I never knew Jean-Marc Ela personally, although I read his book L'Afrique des Villages as I worked through my own studies of village economy. I did, however, know some of Ela's friends and colleagues who were based in Yaoundé: Catholic clergy Engelbert Mveng, Theodore Tsala and Isidore Tabi; and I eventually came to know the work of devout lay scholars who worked in Cameroon around that time: Philippe Laburthe-Tolra, Frederick Quinn, Bernard Fonlon. They all seemed to create not just a kind of aesthetic syncretism of Pagan Africa and the Bible (in the liturgical music, for example), but a deeper sense of connection that seems more general in Equatorial Africa than anywhere else. Perhaps Father Placide Tempels' Bantu Philosophy (original published in 1949) is its most famous exposition. But the work of Wyatt MacGaffey (Kongo Politica Culture, 2000) on much earlier scholar-clergy in the same region suggests a much longer and deeper history. It would take more study to discover its wellsprings and explore its many modes, over time. This short piece cannot do justice. I simply allude to two of the clearer convergent streams of thought and expression in Cameroon, and end with a realization that emerged in the process of composing this intervention.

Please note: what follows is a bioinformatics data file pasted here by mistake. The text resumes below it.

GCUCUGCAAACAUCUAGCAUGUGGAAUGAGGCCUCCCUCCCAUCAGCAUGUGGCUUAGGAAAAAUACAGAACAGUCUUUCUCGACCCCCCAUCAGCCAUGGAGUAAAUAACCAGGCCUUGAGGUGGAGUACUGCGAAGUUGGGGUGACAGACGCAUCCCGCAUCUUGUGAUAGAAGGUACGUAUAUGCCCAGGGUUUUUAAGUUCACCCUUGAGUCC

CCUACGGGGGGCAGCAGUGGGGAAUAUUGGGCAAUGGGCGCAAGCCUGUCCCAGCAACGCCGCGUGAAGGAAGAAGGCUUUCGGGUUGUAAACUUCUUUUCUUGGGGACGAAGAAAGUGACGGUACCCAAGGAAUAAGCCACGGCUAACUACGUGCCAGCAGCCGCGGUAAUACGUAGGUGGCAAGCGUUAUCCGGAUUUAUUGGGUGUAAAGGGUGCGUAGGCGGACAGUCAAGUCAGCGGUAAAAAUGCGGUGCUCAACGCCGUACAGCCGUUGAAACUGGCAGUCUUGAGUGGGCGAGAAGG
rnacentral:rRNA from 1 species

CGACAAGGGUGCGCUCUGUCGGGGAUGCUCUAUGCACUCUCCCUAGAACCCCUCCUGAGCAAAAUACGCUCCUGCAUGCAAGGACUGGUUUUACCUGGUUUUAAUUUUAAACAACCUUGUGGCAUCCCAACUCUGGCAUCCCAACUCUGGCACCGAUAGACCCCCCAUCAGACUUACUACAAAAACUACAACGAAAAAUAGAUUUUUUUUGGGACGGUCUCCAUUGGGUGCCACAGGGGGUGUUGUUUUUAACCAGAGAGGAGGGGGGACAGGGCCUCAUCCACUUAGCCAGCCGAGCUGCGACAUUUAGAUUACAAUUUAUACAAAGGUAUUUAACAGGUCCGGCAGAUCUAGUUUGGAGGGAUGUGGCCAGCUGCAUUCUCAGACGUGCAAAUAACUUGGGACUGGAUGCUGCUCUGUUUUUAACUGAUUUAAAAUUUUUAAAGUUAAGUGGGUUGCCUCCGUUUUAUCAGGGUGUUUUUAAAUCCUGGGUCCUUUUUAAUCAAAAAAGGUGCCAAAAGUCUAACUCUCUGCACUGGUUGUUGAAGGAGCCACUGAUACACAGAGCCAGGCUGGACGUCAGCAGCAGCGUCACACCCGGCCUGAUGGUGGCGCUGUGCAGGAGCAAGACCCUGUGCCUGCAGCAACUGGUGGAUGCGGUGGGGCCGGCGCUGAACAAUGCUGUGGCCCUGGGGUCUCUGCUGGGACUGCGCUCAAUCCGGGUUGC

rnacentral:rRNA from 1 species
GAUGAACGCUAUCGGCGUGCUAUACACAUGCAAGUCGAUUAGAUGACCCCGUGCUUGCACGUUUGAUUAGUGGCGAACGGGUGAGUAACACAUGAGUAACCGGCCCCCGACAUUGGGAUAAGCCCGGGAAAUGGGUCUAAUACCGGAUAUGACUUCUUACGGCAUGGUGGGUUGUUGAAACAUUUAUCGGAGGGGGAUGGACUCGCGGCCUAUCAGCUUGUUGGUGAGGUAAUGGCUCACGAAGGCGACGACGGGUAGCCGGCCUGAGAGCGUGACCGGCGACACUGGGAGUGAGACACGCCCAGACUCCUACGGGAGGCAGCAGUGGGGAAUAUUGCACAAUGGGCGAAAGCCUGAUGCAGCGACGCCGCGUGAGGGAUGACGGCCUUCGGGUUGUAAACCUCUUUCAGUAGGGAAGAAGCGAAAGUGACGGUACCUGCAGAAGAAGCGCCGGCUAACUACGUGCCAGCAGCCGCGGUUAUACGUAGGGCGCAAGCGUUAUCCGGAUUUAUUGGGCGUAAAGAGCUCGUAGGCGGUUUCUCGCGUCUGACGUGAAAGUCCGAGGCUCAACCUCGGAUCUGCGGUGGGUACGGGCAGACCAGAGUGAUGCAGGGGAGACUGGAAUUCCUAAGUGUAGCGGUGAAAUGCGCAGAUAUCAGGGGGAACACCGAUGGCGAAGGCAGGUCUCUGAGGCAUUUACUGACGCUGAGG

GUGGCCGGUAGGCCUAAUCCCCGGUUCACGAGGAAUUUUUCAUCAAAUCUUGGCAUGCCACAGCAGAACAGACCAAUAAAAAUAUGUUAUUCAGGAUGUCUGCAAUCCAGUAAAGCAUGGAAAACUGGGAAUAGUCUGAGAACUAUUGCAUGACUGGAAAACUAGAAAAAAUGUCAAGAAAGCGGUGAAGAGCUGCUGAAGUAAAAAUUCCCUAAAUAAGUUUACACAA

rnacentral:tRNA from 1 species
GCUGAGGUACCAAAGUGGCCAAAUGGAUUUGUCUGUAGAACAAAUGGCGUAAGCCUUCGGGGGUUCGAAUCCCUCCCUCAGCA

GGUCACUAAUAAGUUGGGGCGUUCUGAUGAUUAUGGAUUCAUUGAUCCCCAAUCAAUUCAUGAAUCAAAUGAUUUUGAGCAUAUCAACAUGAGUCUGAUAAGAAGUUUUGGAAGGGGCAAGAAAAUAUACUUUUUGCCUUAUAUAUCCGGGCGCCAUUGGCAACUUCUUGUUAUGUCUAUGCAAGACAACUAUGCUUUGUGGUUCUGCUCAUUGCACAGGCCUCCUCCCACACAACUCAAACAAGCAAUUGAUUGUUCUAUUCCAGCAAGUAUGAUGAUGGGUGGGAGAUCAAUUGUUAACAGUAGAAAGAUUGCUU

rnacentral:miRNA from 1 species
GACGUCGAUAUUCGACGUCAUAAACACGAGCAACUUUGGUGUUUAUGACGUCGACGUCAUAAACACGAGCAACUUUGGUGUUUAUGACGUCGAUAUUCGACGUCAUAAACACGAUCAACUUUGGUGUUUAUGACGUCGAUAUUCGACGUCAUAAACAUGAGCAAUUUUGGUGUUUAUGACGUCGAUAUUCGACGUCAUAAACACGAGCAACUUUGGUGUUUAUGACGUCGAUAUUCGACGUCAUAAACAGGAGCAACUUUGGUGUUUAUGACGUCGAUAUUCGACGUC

First, Jean-Marc Ela refers to one well-travelled conjuncture of Africa and Christianity in the forceful words of his 2006 address to Boston College, a Catholic University ( The message about the increasing marginalization and impoverishment of Africa in his book l'Afrique des Villages (1982) had been almost entirely expressed in secular terms. The epigraph to the book is a quote from a peasant: "Nobody pays attention to what we say. No-one listens to us. We are there to wait at their door. Those who have pass in front ... taken care of .... For us nothing." In his lecture, twenty-four years later, speaking to a Catholic audience, Ela identifies that empty-handed and voiceless waiter-in-line with the impoverished and endangered of ancient Israel, with the poor of the Gospel, and with Golgotha itself. In our own times, he argued, Africa, "offers the opportunity for us to witness the depth of full communion with the promise of the Kingdom, in its historical journey" (emphasis added). Today is just as compelling as the first century C.E. The poor of Africa are as in need of liberation of body and spirit as the downtrodden of ancient Palestine under the Roman Empire. Then after exploring that parallel, along with the imperatives and, indeed, opportunities for service and redemption that flow from it, Ela ends the lecture almost abruptly, with a reference to the Hebrew Bible (or the Old Testament). He terminates with a question from the book of the Prophet Isaiah: "Sentinel, what of the night?" (‘Sentinel' is the French translation; the word is translated as ‘Watchman' in the King James Version in English). By the context, we understand that Ela is alluding to the vigilance that God commands to be set up before the advancing attacks from Babylon and Assyria: a "whirlwind from a terrible land" (as it says in the book of Isaiah).